Saturday, October 31, 2015

Dancing in the Dark

First off...having just witnessed American Pharoah's brilliant Breeders Cup Classic win, I have to say it: WHAT A HORSE!  I just sat there grinning like an idiot, what a truly memorable and moving performance from a truly great horse.  We won't see another like him for some time.  I am thrilled for all his connections, and happy that he came home safely and capped his brilliant career off with a huge win.  What a privilege to witness this story.

So on to me...I went back to the office this week and with the changing seasons (and tomorrow's time change), this is my new reality for riding after work:

....that's right.  Darkness.  Darkness everywhere.  The one downside to this facility is that there is no indoor, and no lighting.  I knew that getting into it, and made the choice to board here knowing that I'd have to figure out the winter riding conundrum at some point.  I've lived in this area without an indoor before and survived several winters, but I was riding full time and did so during the day, when it was warmest and the ground thawed.  So now I'm left with a very serious issue of how to ride during the week with a very time-consuming full time office job, where my schedule is not my own.  I know other people make it work so there has to be a solution.  So far my options are:
  • Ride first thing in the morning (will be difficult when things get cold and the ground gets frozen)
  • Go to work early, leave early (HA!!!!!!!) and ride before the sun sets (not likely)
  • Go to work early, take three hours around lunch time to ride, and stay late at work (ideal for riding for light and temperature, but I think the office schedule/dynamics will prevent this from being a regular option)
  • Ride at night in the dark and learn to love it 
That last one Soonie and I have already done twice now with success.  With the barn lights on and the barn door open, I can see (barely) to the end of the arena so we were able to do flatwork without much trouble (and by "much trouble" I mean he could see, I kind of couldn't, but we lived).  It actually makes me focus much more on feel, which I guess is good?  Just very, very different.  Soon didn't care; the first night was kind of freaky with the deer bounding around in the nearby field, but we got over that with very little drama.  That said, soon it'll be too cold to leave the barn door wide open so I would still need to find some work lights to use outside if I'm stuck riding at night no matter what.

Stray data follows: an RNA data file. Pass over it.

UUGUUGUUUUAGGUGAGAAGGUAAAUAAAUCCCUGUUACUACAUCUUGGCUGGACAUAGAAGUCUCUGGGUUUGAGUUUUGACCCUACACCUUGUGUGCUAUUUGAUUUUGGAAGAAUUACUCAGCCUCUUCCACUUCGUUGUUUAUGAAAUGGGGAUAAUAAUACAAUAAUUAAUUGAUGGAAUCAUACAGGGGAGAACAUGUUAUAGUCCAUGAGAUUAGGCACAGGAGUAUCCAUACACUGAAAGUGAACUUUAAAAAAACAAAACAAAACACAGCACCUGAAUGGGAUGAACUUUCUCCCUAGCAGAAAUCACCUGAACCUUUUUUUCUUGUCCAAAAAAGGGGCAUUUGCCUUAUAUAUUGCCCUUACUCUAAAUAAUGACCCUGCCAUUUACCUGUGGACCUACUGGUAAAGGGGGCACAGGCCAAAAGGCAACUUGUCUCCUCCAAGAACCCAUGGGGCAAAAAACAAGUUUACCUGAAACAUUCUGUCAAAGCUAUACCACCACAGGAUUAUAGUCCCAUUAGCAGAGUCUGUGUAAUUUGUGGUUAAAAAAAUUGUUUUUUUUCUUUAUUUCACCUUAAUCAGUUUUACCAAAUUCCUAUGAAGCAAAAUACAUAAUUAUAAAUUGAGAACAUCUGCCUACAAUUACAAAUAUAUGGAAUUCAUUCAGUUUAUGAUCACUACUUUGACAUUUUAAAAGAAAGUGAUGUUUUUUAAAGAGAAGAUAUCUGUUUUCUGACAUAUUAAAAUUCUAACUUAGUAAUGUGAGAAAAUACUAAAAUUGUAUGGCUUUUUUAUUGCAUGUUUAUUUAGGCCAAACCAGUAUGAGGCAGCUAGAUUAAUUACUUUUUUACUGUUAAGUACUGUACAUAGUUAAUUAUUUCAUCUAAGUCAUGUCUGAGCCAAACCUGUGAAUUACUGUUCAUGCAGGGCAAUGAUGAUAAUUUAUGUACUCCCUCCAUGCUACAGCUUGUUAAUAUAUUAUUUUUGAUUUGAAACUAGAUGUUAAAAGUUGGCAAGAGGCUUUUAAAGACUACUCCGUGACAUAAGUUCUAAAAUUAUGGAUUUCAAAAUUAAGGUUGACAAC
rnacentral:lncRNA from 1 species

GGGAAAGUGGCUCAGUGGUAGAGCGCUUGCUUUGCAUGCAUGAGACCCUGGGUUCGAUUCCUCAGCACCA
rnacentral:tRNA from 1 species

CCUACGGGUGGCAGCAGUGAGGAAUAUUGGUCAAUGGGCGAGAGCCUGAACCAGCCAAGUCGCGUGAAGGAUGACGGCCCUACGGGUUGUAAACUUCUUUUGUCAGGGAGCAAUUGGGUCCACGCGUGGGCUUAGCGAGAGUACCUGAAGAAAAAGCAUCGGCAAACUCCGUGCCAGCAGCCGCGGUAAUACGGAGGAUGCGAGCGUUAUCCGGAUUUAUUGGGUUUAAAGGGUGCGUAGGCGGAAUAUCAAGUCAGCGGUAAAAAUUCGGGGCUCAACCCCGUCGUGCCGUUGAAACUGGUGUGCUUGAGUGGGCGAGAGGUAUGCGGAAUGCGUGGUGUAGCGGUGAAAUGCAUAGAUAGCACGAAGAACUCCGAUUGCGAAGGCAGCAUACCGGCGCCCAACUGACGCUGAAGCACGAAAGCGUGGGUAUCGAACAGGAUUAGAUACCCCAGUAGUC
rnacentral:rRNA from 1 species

And to be fair, last night I did stop at the end of the ride to enjoy the view of the night sky.  Can't say I've ever done that before.  There was something about sitting on my horse's back and looking up at the stars that was especially peaceful and memorable.

...I just hope I don't have to do that on a regular basis, that's all.  

In other news, the farm is home to a Thoroughbred retraining/rehoming program and is having an open house next week.  I'm assisting with that as well as with their budding veterans program, so I'm pretty excited about that.  I got asked to do a jumping demo with Soonie, so today I set up a ground pole exercise, a simple crossrail and vertical to start popping him back over stuff, since I don't think we've jumped in at least a month and a half.  He was spectacular, as usual.  He gave me some lovely lead changes on the flat, was mostly steady and soft over fences as well (with another lovely swap when asked for).  He did try to take the flier to the first canter jump, but was low enough where I made him wait and eat it; one chip got the point across and he was very adjustable and much more patient to the rest of the fences.  We only did a handful of jumps, as I'm hoping to do more tomorrow.  Then flat this week (in the dark?) and quick refresher over fences on Saturday, and we should be very civil to the jumps for Sunday's open house. 

Perfect horse is always perfect

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